The next day, we were both in the Dean's office. Remember, that was in 1977 or 1978. Schools had only been integrated for about 10 years. We had known we were going to upset some folks in both churches, but Will and I also believed that someday churches would need to integrate. We figured we were in deep trouble and might be excluded from future preaching assignments. The Dean simply said, "I've had lots of complaints about what you two did on Sunday. If you two want to be prophets, then you need to know what it is like to be martyred. I'm assigning you to go back to the same churches this Sunday. Good luck. You'll need it."
So Will went back to the White congregation and I to the Black one. He and I both decided we would make the same announcement. "The Dean says he received a lot of comments on my preaching here last week. I'm not sure what you folks said, but it must have been real nice because the Dean said that as long as he receives such comments, I'll be coming back here every Sunday y'all are without a pastor."
Apparently there were no further comments and Will and I were never sent back to those churches.
I'm glad things have changed. I now preach in a congregation that is about 50/50 black and white. Will is an Army Chaplain, and has been for many years.
The seminarians would share our experiences on Monday as we sat around in the coffee room. We were always anxious to find out the directions to these churches -- remember, there was no mapquest back then. Just as important, we wanted to know if which churches had indoor plumbing.
At the Mountville Church, there was not even an outhouse. The men went in the woods on the left of the church, and the women at the right of the church.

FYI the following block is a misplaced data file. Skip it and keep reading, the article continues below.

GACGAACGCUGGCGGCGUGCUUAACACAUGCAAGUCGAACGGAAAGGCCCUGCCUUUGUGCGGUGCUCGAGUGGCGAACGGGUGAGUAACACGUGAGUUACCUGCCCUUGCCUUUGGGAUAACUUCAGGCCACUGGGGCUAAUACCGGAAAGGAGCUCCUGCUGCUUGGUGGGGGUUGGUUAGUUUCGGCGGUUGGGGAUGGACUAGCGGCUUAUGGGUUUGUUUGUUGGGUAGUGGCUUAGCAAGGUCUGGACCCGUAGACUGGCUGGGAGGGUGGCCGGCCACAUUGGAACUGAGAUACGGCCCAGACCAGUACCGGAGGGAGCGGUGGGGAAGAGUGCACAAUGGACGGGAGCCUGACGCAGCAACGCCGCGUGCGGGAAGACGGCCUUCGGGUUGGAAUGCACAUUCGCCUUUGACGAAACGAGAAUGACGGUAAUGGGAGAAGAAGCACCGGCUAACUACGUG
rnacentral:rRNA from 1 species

We went to Mountville a few times, and once I felt we were headed in the wrong direction. My wife was navigating and assured me, "It's right up here, near some damn Baptist Church." I was shocked -- my wife never cussed. But there it was, right near the Beaver Dam Baptist Church.
Some of the churches we went to simply could not afford an ordained pastor. After one service, an elder came to me with the offering plate and handed me half the contents -- $7.50 and a check. The check was my offering. Oh well, "cast your bread on the waters and it will come back to you."
I took it -- we were always in need in seminary. Once I cooked a pizza, using the last bit of flour, pasta sauce and cheese in the apartment. My wife and I were so looking forward to that pizza that we didn't preheat the oven. We just fired it up and put in the pie.
Little did we know that a roach had been crawling on the stove's ceiling. When we checked the pizza, there it was in the middle of our meal.
"Let's cut the middle out and eat the rest," my wife suggested.
So we did.
That was a Saturday night and we were hoping the next day's church would be generous.
Thankfully they were!
One couple took us out to lunch after church and fed us well.
"Let me take ya'll for a drive -- I want to show you my store," our host insisted.
It was a grocery store. He grabbed a buggy and said, "I want you to fill this buggy up and the food is on the house." He wouldn't let us be stingy. If we put in one box of cereal, he'd put in another. He insisted that we load up on steaks and a turkey.
We didn't have to worry about eating the roach's left overs for a long time after that.
In one church there must have been almost 700 people. At the end of the service, there would often be one or two who would quietly slipped me a check. I would thank them and put the folded check in my pocket to look at later, thankful that so many wanted to support me in preparing for the ministry.
At lunch on that day, I pulled out 8 checks -- far more than I usually received. One was the "official honorarium." That would sometimes be $20. Sometimes $50. I looked at the other checks, only to discover that not a single one of them was a check I could cash -- they were notes offering advice about my sermon and preaching.
"Shave the beard" was one.
Having a beard was a problem in the late 1970s, and my professors advised me to shave it, but I never did. I went in one church and sat behind the pulpit, waiting for the prelude to end. A child in the congregation yelled out, "Look, Jesus has come to preach today."
Someone else -- an adult -- said, "That ain't no Jesus. It's not even a real preacher yet."
True, but these Sundays helped me to become a preacher and I'm grateful.